“Hispanics choose Spanish-language television over general-market TV every hour of every day of the year,” Mr. Rodriguez said, “and that happens because of the cultural connection and the cultural relevance available only here.”
Pharmaceuticals and wireless are two of the growth categories at Univision, Mr. McGarrity said, though he called the emphasis on Viagra as the sole-or one of the few-Spanish-language pharma advertisers, misplaced. “That category is still going to be a relatively small category for the next year or so,” according to Mr. McGarrity.
Eye-opening Hispanic demographic and socio-economic data from the 2000 U.S. Census have so far fueled the 21st century boom in Spanish-language television; American Hispanics are both more numerous and have more money to spend than Madison Avenue realized until the Census, and as a group they will be growing younger and more influential in the years ahead.
One result of that Madison Avenue revelation: Hispanic TV ad revenues grew by more than 20 percent in 2002, according to CMR/TNS Media Intelligence, compared with the English-language broadcast networks and the cable networks, which grew by 7.4 percent and 2.9 percent, respectively, over the previous year.
That Hispanic boom should get another Nielsen-powered boost soon. The all-powerful ratings service has “finally committed to weight the national People Meter sample for Spanish language no later than September 2004,” Dennis McCauley, co-president of network sales, told applauding Spanish-market advertisers at the recent Univision upfront. “And in 2005 it will finally be a unified sample for planning and buying all national media,” he added. “We have called for one sample, the agencies have called for one sample and the clients deserve one sample.”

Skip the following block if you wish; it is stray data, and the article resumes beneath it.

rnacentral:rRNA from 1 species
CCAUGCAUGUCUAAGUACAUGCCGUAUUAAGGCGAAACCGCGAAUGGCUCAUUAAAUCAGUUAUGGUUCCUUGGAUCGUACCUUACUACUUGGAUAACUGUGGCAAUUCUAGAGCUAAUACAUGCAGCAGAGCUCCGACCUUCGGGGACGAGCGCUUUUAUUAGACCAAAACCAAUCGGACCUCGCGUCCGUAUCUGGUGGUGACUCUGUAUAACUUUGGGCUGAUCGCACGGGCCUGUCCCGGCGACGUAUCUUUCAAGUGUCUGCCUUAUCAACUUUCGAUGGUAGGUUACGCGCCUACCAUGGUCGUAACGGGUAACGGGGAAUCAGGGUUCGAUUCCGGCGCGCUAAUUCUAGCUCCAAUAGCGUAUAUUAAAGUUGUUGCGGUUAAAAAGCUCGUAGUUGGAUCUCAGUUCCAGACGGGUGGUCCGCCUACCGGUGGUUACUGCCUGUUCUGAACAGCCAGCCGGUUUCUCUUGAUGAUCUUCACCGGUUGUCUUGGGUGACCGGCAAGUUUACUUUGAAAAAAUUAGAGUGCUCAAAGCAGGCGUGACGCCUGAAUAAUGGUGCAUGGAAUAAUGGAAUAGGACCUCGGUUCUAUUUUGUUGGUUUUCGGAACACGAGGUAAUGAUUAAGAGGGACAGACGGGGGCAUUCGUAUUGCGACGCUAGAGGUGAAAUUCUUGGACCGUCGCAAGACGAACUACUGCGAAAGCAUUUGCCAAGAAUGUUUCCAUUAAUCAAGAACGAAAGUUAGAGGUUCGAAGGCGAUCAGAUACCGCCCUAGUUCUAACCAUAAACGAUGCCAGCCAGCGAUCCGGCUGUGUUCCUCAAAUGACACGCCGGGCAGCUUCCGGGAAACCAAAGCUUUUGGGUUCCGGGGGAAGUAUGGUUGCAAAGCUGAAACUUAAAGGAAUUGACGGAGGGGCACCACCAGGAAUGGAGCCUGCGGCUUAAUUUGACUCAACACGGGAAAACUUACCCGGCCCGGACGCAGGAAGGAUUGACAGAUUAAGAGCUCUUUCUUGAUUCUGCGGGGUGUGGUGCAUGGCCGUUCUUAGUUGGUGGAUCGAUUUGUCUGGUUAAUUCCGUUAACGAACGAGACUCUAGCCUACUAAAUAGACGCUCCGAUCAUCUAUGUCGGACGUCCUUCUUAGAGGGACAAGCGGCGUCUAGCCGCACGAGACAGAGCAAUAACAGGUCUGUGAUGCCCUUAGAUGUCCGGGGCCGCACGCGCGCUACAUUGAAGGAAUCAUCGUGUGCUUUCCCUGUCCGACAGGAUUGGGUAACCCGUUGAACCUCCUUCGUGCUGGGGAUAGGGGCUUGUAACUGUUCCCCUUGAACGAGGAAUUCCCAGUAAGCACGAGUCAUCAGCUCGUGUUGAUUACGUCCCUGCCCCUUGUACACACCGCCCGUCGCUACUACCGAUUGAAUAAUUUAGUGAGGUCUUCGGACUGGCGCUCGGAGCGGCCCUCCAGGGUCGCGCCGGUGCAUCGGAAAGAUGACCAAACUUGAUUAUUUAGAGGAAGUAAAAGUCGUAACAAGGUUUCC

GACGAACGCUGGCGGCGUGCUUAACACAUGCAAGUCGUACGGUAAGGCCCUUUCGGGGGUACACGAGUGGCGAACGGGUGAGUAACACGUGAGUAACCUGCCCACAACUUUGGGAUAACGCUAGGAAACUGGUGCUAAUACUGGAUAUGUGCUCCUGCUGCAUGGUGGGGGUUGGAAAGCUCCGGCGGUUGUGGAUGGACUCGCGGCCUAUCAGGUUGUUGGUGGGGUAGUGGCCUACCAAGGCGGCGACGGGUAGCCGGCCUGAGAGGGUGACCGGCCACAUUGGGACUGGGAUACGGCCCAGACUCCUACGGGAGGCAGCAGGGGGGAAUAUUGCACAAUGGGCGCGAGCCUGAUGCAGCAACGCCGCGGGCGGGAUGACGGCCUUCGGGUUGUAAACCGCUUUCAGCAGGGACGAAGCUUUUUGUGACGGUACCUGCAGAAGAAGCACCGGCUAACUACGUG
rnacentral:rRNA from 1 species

The Hispanic boom is also fueled by the Hispanic networks’ own realization that they have to appeal to younger, hipper, often bilingual audiences as well as to traditional Hispanic-American novela viewers who tune in for the melodramatic plots and grand passions that are staples of the genre. So along with new youth-appealing spinoff networks such as Univision’s Telefutura and Telemundo’s mun2, a plethora of more sophisticated programming is on the way, including Univision’s Rebeca, the first Hispanic-language interactive novela, for which viewers will be able to vote online to determine the story’s outcome and which of her three suitors Rebeca will choose; Telemundo’s La Cenicienta, a Hispanic version of The Bachelorette, in which all the suitors have to pass muster with the bachelorette’s opinionated and outspoken Hispanic family; Telefutura’s Betty Toons, an animated version of the wildly popular Betty La Fea novela; and mun2’s Twisted Novela Theater, a weekly satire that aims to do to novelas what Mystery Science Theater 3000 did to old science-fiction and horror movies.
Not surprisingly, the heat in the Hispanic market has attracted new competitors as well. S ‘ TV is a new English-language, Latino-themed network scheduled to launch in the fourth quarter. Mexico’s TV Azteca is preparing its own assault on the lucrative and growing American-Hispanic market with Azteca America. And LATV, a local Los Angeles channel airing daily in prime time, which says it targets the younger non-novela audience, is planning a national rollout.
That kind of competition is all to the good, according to Liz Castells-Heard, president and CEO of Castells & Asociados, a national Hispanic marketing and advertising agency headquartered in Los Angeles. She thinks the expanding Hispanic marketplace will draw new viewers from English-language networks, with minimal cannibalization in the Spanish-language world.